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Broussard v. Jefferson County

United States District Court, E.D. Texas

March 22, 2017

STEVEN BROUSSARD, Plaintiff,
v.
JEFFERSON COUNTY and G. MITCH WOODS, Individually and in his Official Capacity as Sheriff of Jefferson County, Defendants.

          ORDER ADOPTING REPORT AND RECOMMENDATION OF UNITED STATES MAGISTRATE JUDGE GRANTING MOTION TO DISMISS

          MARCIA A. CRONE UNITED STATES DISTRICT JUDGE

         This case is referred to United States Magistrate Judge Zack Hawthorn for pretrial management. Doc. No. 10. Pending before the court are Plaintiff Steven Broussard's objections (Doc. No. 45) to Judge Hawthorn's report and recommendation (Doc. No. 44) granting Defendants Jefferson County and Sheriff Mitch Woods' “12(b)(6) Motions to Dismiss Plaintiff's First Amended Complaint and Assertion of Qualified Immunity” (Doc. No. 30). Broussard timely filed objections to the report and recommendation.

         A party who files timely, written objections to a magistrate judge's report and recommendation is entitled to a de novo determination of those findings or recommendations to which the party specifically objects. 28 U.S.C. § 636(b)(1)(C); Fed.R.Civ.P. 72(b)(2)-(3). “Parties filing objections must specifically identify those findings [to which they object]. Frivolous, conclusive or general objections need not be considered by the district court.” Nettles v. Wainwright, 677 F.2d 404, 410 n.8 (5th Cir. 1982) (en banc), overruled on other grounds by Douglass v. United Servs. Auto. Ass'n, 79 F.3d 1415 (5th Cir. 1996) (en banc).

         The court has reviewed Broussard's objections and concludes that they are without merit. Broussard first argues that Judge Hawthorn's report misapplied Davis v. McKinney, which Broussard believes requires the court “‘to consider the Connick factors of content, context, and form, and determine whether the speech is public or private based on these factors.'” Doc. No. 45, at 2 (quoting Davis v. McKinney, 518 F.3d 304, 311 (5th Cir. 2008) (quoting Teague v. City of Flower Mound, 179 F.3d 377, 382 (5th Cir. 1999))). What Broussard omits from his citation to Davis, however, is the Fifth Circuit's acknowledgment in the very next sentence of its opinion that the Supreme Court's holding in Garcetti v. Ceballos “changed this analysis in ways not yet fully determined.” Davis, 518 F.3d at 311 (citing Garcetti v. Ceballos, 547 U.S. 410 (2006)). Thus, rather than continuing to apply the Connick factors of content, context, and form, as Broussard requests in the present matter, the Davis court acknowledged that Garcetti shifts the focus from the content of the speech to the role the speaker occupied at the time the speech was made. Davis, 518 F.3d at 312 (citing Williams v. Dallas Indep. Sch. Dist., 480 F.3d 689, 692 (5th Cir. 2007). Accordingly, the Davis court parsed the six different communications at issue to determine which the Plaintiff made as an employee and which she made as a private citizen. Id. at 315-16.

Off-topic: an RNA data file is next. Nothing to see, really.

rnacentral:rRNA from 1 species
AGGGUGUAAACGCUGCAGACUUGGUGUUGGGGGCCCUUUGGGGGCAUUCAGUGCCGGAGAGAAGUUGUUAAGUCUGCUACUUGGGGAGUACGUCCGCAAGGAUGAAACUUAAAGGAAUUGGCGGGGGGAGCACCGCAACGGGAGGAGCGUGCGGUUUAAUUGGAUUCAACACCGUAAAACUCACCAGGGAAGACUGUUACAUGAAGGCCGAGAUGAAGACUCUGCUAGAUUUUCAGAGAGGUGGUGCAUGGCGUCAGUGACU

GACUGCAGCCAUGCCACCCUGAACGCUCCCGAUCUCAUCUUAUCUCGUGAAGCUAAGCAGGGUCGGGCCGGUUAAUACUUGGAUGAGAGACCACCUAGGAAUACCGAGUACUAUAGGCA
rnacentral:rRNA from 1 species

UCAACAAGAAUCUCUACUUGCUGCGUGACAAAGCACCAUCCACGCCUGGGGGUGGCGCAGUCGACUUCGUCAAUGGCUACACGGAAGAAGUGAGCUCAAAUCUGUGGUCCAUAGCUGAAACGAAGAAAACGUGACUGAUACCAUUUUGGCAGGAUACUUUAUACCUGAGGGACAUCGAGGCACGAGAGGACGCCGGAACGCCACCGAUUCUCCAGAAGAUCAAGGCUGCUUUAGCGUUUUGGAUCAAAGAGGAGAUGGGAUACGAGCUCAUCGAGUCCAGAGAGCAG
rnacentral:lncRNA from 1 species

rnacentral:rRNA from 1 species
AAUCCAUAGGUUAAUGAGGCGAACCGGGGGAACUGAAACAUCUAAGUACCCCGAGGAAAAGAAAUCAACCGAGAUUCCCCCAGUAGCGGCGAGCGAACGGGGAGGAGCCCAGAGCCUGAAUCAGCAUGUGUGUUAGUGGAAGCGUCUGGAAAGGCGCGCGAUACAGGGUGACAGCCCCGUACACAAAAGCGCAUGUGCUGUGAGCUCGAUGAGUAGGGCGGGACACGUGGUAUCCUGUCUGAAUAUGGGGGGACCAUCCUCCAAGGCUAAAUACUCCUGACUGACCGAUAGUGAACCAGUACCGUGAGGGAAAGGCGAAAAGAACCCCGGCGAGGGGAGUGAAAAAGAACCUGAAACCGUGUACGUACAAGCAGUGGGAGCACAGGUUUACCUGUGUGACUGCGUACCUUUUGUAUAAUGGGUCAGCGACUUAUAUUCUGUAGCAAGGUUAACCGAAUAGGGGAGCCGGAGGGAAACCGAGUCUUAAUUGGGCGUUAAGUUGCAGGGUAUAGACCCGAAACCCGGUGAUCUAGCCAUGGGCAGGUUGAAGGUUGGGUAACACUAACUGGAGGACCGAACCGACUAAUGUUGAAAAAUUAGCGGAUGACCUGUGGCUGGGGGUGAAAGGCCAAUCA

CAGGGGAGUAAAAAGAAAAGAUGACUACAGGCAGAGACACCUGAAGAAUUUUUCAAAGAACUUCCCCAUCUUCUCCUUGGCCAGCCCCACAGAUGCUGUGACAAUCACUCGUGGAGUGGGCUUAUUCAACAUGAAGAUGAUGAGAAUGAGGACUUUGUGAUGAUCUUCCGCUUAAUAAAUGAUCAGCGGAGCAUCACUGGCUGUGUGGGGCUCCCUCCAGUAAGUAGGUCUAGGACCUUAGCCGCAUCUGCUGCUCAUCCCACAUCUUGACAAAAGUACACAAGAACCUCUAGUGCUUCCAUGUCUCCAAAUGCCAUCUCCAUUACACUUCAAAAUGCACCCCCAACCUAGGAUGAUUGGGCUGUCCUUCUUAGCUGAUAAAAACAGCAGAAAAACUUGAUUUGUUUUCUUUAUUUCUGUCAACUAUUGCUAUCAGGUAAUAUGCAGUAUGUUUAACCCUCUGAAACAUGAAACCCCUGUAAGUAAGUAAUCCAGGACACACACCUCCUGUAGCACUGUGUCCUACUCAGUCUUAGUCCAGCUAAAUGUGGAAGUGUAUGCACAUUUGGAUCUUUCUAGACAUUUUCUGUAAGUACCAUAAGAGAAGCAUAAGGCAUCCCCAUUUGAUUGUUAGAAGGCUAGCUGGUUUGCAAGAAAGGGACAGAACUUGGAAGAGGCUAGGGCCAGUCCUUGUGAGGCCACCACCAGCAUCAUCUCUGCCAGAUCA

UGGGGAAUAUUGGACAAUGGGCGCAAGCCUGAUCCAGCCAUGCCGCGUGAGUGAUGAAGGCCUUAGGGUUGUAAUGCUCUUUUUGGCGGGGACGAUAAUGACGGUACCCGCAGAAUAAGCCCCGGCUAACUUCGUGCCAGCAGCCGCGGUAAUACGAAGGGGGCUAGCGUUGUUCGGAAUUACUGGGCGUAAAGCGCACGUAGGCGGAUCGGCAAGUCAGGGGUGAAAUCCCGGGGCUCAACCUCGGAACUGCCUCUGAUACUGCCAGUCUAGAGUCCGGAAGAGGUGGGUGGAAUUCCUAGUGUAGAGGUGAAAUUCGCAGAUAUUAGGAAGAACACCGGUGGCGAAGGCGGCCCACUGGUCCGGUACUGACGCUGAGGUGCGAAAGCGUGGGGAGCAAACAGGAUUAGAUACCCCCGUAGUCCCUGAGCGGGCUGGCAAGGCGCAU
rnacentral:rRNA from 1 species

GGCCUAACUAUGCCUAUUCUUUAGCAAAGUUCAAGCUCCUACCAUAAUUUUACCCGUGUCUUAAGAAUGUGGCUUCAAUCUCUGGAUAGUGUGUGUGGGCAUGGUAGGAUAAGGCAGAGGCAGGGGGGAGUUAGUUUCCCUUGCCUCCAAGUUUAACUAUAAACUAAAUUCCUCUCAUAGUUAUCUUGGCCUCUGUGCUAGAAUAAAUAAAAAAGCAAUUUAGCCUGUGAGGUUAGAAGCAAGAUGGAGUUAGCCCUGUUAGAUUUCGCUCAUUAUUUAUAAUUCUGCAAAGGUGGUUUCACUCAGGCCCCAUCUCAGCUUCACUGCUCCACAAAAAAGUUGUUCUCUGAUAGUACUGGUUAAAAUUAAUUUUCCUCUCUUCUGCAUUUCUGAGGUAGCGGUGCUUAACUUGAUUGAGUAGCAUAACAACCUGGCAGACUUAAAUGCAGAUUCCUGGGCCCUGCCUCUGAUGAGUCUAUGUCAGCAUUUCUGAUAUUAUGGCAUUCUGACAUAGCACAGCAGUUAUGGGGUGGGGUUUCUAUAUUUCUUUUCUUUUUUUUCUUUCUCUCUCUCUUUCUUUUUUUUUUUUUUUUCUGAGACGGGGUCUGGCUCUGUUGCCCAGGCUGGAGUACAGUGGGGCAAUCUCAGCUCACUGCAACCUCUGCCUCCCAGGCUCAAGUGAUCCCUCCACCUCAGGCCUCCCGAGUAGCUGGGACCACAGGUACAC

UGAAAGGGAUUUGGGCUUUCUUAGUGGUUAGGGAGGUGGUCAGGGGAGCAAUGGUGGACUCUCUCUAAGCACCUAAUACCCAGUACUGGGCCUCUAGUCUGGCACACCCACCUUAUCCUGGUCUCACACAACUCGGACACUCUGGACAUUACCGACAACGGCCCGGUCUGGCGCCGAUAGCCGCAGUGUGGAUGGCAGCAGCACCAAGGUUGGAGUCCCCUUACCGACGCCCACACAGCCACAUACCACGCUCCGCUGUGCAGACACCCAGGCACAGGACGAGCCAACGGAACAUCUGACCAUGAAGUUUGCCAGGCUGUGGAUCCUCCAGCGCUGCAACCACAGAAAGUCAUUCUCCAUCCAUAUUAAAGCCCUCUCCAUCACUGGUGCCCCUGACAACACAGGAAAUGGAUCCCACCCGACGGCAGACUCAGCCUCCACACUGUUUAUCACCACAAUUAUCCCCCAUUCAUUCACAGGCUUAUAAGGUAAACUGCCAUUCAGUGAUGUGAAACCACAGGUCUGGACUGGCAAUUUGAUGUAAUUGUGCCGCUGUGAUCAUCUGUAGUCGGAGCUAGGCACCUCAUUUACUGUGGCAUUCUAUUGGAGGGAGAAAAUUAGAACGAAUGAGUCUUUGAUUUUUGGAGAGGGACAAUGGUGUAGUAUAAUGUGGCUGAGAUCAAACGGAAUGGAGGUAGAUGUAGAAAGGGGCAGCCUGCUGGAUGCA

Judge Hawthorn applied the same formula when considering Broussard's communications and distinguished between those he made as an employee and those he made to various members of the community as a private citizen. Doc. No. 44, at 9-11. After identifying the six instances where Broussard spoke as a private citizen, Judge Hawthorn concluded that Broussard failed to allege that Woods was aware of any of those instances, and thus failed to adequately allege the fourth element of his prima facie case for First Amendment retaliation. See Dearman v. Stone Cnty. Sch. Dist., 832 F.3d 577, 581-82 (5th Cir. 2016); Wetherbe v. Smith, 593 F. App'x 323, 328 (5th Cir. 2014). Broussard does not contest this finding in his objections, and does not point to any facts alleged in his Amended Complaint that show Woods was aware of any comments Broussard made as a private citizen.

         In his second objection, Broussard argues that Woods' conduct was objectively unreasonable and thus, he is not entitled to qualified immunity. Broussard provides two examples of his speech that allegedly prompted Woods to retaliate against him: (1) comments made at a Southeast Texas Tea Party meeting specifically naming Woods and (2) Broussard's statement that he refused to authorize what he believed to be fraudulent overtime sheets. Doc. No. 45, at 6. As to the overtime sheets, taking Broussard's allegations of Woods' threats to be true, Broussard's comments were related to his job duties and are not entitled to First Amendment protection. See Wilson v. Tregre, 787 F.3d 322, 325 (5th Cir. 2015). Regarding the comments made at the Tea Party meeting, Broussard asserts that he “specifically named” Woods in his allegations of corruption and wasteful spending at the JCSO. Doc. No. 45, at 6. However, other than conclusory statements, Broussard still fails to adequately allege facts in his Amended Complaint or in his objections that Woods was aware of Broussard's comments and they motivated Woods' actions, a necessary prerequisite to a First Amendment retaliation claim. See Wetherbe, 593 F. App'x at 328 (“Wetherbe has not alleged that Smith was aware of this speech or that it motivated his actions. Because these are requirements of Wetherbe's claim for First Amendment retaliation, this deficiency means that Wetherbe's claim fails to defeat [qualified immunity].”).

         Accordingly, Broussard's objections are overruled and Judge Hawthorn's report and recommendation is ADOPTED. Broussard's claims are dismissed with prejudice. All pending motions in this matter are denied, and the Clerk of Court is ...


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